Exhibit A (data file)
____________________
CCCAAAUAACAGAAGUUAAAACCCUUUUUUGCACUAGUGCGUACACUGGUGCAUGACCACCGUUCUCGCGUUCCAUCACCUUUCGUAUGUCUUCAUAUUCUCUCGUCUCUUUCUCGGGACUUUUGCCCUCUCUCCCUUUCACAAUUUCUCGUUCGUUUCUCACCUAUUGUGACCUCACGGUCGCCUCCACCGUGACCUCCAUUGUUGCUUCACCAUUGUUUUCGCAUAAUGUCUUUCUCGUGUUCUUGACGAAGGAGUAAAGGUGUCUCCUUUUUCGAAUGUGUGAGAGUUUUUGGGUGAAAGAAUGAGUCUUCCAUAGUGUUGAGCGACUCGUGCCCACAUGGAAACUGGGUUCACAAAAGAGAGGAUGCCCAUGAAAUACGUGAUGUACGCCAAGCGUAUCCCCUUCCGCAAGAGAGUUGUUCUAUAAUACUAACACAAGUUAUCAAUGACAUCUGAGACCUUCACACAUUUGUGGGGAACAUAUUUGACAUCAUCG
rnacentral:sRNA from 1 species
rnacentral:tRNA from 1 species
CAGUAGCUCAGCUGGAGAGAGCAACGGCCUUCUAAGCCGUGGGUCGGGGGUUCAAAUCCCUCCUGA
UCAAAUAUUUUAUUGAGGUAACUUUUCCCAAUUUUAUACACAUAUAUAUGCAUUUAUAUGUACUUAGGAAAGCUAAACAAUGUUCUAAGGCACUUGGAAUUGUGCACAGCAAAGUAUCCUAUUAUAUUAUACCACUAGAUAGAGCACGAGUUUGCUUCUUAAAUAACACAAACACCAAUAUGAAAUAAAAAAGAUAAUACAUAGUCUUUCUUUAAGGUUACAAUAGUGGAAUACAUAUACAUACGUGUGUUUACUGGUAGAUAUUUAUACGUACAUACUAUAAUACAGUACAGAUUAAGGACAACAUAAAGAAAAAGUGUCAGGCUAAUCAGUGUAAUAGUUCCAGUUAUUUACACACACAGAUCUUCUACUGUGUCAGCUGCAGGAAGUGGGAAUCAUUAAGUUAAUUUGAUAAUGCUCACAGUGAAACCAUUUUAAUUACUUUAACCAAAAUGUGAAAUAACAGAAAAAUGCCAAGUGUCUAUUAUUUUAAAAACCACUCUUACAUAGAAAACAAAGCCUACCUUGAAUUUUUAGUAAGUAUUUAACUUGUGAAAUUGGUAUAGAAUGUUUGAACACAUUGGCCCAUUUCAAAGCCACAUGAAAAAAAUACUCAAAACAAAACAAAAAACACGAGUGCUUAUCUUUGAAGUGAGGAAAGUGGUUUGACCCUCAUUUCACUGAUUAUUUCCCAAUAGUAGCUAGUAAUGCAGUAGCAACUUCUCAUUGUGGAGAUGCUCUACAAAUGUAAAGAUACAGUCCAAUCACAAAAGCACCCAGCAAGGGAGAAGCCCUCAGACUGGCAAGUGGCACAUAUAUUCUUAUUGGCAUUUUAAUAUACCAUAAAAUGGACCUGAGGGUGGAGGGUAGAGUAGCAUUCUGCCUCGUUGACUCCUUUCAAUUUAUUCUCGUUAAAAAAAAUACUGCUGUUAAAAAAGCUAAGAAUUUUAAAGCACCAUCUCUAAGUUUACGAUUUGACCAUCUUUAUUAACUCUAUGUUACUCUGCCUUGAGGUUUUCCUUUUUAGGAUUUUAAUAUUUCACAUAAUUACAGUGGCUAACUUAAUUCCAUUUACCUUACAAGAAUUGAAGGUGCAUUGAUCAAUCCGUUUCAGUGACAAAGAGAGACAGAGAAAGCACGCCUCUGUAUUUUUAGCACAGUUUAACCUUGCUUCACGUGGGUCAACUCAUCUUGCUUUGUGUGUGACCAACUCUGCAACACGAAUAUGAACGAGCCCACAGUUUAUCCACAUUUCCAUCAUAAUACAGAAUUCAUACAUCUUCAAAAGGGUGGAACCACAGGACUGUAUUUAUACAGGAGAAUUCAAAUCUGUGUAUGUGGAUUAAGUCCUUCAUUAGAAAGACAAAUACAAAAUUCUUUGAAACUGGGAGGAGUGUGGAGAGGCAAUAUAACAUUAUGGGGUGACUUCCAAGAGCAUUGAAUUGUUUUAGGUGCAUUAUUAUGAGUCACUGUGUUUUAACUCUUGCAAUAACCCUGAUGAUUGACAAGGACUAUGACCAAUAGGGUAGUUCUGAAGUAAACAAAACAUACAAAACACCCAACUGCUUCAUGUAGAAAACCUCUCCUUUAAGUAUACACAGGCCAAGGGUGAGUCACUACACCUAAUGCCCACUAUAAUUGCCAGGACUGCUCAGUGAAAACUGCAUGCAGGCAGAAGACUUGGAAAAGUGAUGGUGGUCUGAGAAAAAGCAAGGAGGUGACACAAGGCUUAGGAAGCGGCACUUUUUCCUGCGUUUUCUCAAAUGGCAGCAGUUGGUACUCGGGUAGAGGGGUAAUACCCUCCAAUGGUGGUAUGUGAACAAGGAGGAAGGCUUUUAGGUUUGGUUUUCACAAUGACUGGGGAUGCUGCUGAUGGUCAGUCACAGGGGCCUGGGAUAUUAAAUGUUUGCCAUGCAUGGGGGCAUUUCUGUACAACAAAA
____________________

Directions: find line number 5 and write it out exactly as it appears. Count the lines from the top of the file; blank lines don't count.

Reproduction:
UCAAAUAUUUUAUUGAGGUAACUUUUCCCAAUUUUAUACACAUAUAUAUGCAUUUAUAUGUACUUAGGAAAGCUAAACAAUGUUCUAAGGCACUUGGAAUUGUGCACAGCAAAGUAUCCUAUUAUAUUAUACCACUAGAUAGAGCACGAGUUUGCUUCUUAAAUAACACAAACACCAAUAUGAAAUAAAAAAGAUAAUACAUAGUCUUUCUUUAAGGUUACAAUAGUGGAAUACAUAUACAUACGUGUGUUUACUGGUAGAUAUUUAUACGUACAUACUAUAAUACAGUACAGAUUAAGGACAACAUAAAGAAAAAGUGUCAGGCUAAUCAGUGUAAUAGUUCCAGUUAUUUACACACACAGAUCUUCUACUGUGUCAGCUGCAGGAAGUGGGAAUCAUUAAGUUAAUUUGAUAAUGCUCACAGUGAAACCAUUUUAAUUACUUUAACCAAAAUGUGAAAUAACAGAAAAAUGCCAAGUGUCUAUUAUUUUAAAAACCACUCUUACAUAGAAAACAAAGCCUACCUUGAAUUUUUAGUAAGUAUUUAACUUGUGAAAUUGGUAUAGAAUGUUUGAACACAUUGGCCCAUUUCAAAGCCACAUGAAAAAAAUACUCAAAACAAAACAAAAAACACGAGUGCUUAUCUUUGAAGUGAGGAAAGUGGUUUGACCCUCAUUUCACUGAUUAUUUCCCAAUAGUAGCUAGUAAUGCAGUAGCAACUUCUCAUUGUGGAGAUGCUCUACAAAUGUAAAGAUACAGUCCAAUCACAAAAGCACCCAGCAAGGGAGAAGCCCUCAGACUGGCAAGUGGCACAUAUAUUCUUAUUGGCAUUUUAAUAUACCAUAAAAUGGACCUGAGGGUGGAGGGUAGAGUAGCAUUCUGCCUCGUUGACUCCUUUCAAUUUAUUCUCGUUAAAAAAAAUACUGCUGUUAAAAAAGCUAAGAAUUUUAAAGCACCAUCUCUAAGUUUACGAUUUGACCAUCUUUAUUAACUCUAUGUUACUCUGCCUUGAGGUUUUCCUUUUUAGGAUUUUAAUAUUUCACAUAAUUACAGUGGCUAACUUAAUUCCAUUUACCUUACAAGAAUUGAAGGUGCAUUGAUCAAUCCGUUUCAGUGACAAAGAGAGACAGAGAAAGCACGCCUCUGUAUUUUUAGCACAGUUUAACCUUGCUUCACGUGGGUCAACUCAUCUUGCUUUGUGUGUGACCAACUCUGCAACACGAAUAUGAACGAGCCCACAGUUUAUCCACAUUUCCAUCAUAAUACAGAAUUCAUACAUCUUCAAAAGGGUGGAACCACAGGACUGUAUUUAUACAGGAGAAUUCAAAUCUGUGUAUGUGGAUUAAGUCCUUCAUUAGAAAGACAAAUACAAAAUUCUUUGAAACUGGGAGGAGUGUGGAGAGGCAAUAUAACAUUAUGGGGUGACUUCCAAGAGCAUUGAAUUGUUUUAGGUGCAUUAUUAUGAGUCACUGUGUUUUAACUCUUGCAAUAACCCUGAUGAUUGACAAGGACUAUGACCAAUAGGGUAGUUCUGAAGUAAACAAAACAUACAAAACACCCAACUGCUUCAUGUAGAAAACCUCUCCUUUAAGUAUACACAGGCCAAGGGUGAGUCACUACACCUAAUGCCCACUAUAAUUGCCAGGACUGCUCAGUGAAAACUGCAUGCAGGCAGAAGACUUGGAAAAGUGAUGGUGGUCUGAGAAAAAGCAAGGAGGUGACACAAGGCUUAGGAAGCGGCACUUUUUCCUGCGUUUUCUCAAAUGGCAGCAGUUGGUACUCGGGUAGAGGGGUAAUACCCUCCAAUGGUGGUAUGUGAACAAGGAGGAAGGCUUUUAGGUUUGGUUUUCACAAUGACUGGGGAUGCUGCUGAUGGUCAGUCACAGGGGCCUGGGAUAUUAAAUGUUUGCCAUGCAUGGGGGCAUUUCUGUACAACAAAA